- Nitrate reducing microbes are normally present
in our oral cavities and gut.
- They promote our heart
health by increasing blood flow to the heart and reducing blood pressure.
- If found in higher levels than normal, they may cause
Higher levels of nitrate reducing bacteria in
the oral cavity may cause migraine headaches, rules a recent study at the University of California San Diego School of Medicine (UC San
Aim of the Study
‘Nitrate reducing bacteria that normally occur in the mouth and gut may be good for cardiovascular health, but can cause migraines if found in higher amounts.’
The researchers embarked on the study, based on the assumption that since certain foods were known to trigger
migraines, the headaches might be related to the microbial population in their
"There is this idea out there that certain foods trigger
migraines--chocolate, wine, and especially foods containing nitrates,"
says Antonio Gonzalez, a programmer analyst in the laboratory of Rob Knight at
UC San Diego, and lead author on the study. "We thought that perhaps there
was a connection between someone's microbiome and what they were eating."
Details and Results
of the Study
Gonzalez and his colleague Embriette Hyde sequenced bacteria found in
oral cavity samples from 172 participants, and 1,996 fecal samples from healthy
participants. The participants were earlier asked to complete surveys asking
whether they suffered from migraine
The results of the sequencing indicated to them the qualitative and
quantitative differences in the bacterial population between migraine sufferers
and those who did not. With regards to bacterial
the investigators did not find any significant differences in the fecal or oral samples
of migraineurs and non-migraineurs
Additionally, they employed a bioinformatic tool termed PICRUS to
analyze variations in genes that might occur in the two different sets of
samples, as per the bacterial species present. They detected a slight, but statistically significant
increase in the amount of genes that encoded nitrate, nitrite and nitric oxide
reductases in the fecal samples of migraine sufferers. In the oral samples,
these genes were significantly much higher in persons suffering from migraine
"We know for a fact the nitrate-reducing bacteria are found in the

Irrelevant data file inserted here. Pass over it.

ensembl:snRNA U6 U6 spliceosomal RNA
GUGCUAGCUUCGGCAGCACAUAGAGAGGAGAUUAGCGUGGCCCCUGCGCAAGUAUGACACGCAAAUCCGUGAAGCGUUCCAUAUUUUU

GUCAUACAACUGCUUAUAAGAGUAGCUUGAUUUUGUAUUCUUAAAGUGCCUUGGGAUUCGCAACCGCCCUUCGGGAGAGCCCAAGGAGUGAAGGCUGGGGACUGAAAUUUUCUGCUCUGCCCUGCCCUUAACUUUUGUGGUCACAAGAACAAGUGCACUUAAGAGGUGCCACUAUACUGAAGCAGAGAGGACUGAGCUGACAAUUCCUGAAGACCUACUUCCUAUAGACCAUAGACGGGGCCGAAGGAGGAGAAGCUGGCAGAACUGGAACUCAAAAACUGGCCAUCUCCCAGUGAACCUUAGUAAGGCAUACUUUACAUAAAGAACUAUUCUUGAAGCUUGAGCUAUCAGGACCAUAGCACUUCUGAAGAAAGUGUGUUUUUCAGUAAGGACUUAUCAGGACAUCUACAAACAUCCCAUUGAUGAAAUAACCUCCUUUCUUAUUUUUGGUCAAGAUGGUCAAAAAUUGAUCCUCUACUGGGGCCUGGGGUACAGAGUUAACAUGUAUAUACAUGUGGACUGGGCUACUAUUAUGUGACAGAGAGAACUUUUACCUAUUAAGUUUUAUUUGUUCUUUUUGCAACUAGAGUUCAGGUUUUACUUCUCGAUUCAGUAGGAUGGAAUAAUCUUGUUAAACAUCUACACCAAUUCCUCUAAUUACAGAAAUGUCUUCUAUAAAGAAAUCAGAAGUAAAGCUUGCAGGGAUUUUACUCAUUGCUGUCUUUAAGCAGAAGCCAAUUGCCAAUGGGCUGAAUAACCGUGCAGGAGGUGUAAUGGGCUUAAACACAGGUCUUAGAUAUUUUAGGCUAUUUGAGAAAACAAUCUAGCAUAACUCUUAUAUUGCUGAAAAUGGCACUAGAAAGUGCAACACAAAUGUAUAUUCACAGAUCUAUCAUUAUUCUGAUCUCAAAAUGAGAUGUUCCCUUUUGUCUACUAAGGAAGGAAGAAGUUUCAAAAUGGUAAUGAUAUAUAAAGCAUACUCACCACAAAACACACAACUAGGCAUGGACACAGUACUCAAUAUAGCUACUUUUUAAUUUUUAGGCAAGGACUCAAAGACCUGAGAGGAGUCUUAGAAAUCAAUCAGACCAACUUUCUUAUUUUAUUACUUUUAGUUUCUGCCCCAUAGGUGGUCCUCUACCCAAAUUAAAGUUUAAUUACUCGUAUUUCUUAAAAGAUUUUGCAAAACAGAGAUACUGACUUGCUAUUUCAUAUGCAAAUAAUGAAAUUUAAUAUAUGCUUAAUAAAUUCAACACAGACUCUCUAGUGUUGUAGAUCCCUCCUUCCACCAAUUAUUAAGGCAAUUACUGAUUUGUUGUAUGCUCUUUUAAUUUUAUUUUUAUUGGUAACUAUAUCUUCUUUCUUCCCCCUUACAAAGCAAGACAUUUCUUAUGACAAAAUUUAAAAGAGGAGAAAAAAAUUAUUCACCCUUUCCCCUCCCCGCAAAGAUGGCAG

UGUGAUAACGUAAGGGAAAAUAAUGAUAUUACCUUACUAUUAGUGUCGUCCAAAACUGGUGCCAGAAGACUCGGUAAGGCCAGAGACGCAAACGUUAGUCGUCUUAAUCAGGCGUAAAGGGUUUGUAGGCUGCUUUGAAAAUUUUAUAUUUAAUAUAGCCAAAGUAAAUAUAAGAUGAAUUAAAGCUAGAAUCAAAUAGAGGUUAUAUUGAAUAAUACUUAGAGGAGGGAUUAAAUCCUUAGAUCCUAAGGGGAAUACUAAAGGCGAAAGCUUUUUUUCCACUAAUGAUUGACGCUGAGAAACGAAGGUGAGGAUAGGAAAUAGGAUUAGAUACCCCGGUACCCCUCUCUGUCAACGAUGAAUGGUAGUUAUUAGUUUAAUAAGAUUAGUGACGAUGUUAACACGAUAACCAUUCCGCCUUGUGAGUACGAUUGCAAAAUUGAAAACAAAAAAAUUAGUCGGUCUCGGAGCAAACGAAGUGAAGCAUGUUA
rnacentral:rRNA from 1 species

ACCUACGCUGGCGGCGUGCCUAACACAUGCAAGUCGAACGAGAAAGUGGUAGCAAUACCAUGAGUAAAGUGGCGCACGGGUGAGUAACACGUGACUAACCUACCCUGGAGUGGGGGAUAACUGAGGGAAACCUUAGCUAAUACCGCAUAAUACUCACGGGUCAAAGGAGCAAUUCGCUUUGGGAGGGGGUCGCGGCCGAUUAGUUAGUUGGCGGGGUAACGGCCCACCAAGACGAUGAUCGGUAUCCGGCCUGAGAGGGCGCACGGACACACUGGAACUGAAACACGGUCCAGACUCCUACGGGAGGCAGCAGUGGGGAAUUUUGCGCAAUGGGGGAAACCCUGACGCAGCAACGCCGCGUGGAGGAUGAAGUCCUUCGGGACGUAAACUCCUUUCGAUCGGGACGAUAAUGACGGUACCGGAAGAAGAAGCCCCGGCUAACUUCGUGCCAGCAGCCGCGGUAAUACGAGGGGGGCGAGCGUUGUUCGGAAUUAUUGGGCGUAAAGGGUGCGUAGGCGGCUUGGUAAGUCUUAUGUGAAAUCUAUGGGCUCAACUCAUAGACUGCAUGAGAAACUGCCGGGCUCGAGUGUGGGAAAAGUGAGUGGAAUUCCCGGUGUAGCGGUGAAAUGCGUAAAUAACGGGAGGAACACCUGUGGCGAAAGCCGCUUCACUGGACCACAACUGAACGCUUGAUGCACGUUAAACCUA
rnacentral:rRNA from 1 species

oral cavity," says Hyde, who is the project manager for the American Gut
Project in the Knight laboratory. "We definitely think this pathway is
advantageous to cardiovascular health, but now we have a potential connection
to migraines as well."
How Nitrates Cause
Many persons, who suffer from migraine headaches have noticed a link
between consuming nitrates and their severe headaches. Patients with heart
disease, who take nitrates for chest pain or congestive heart failure report severe headaches as a side effect.
The authors of the study feel that we may have a mutually beneficial
symbiotic relationship with bacteria in our oral cavities, which do promote our
cardiovascular health. But in some people, an excess of nitrate-reducing
bacteria in the mouth could also lead to migraines, rules the study.
Nitrates, occurring in certain foods such as processed meats, green
leafy vegetables, and in certain medicines, are reduced to nitrites by microbes
found in the mouth. When circulating in the blood, these nitrites become
converted to nitric oxide (NO) under certain conditions. Nitric oxide is a powerful vasodilator
that promotes cardiovascular
health by increasing coronary blood flow and reducing blood pressure.
However, nitrates also cause
vasodilation of the blood vessels supplying the brain, which may be responsible
for the severe headaches
. Vasoconstricting agents such as ergotamine are
generally administered for relief from migraine headaches.
Future Research Plans
Gonzalez and Hyde say that they plan
to study more well-defined groups of patients, segregated on the basis of the
different types of migraines
. They could then determine if the microbes in
their oral cavities actually expressed nitrate-reducing genes, estimate levels
of their circulating NO and study how it correlates with their migraine status.
Perhaps far into the
future, Gonzalez says, "We will have a magical probiotic mouthwash for
everyone that helps your cardiovascular health without giving you
migraines." But for now, he says, "If you suspect that nitrates are
causing you migraines, you should try to avoid them in your diet."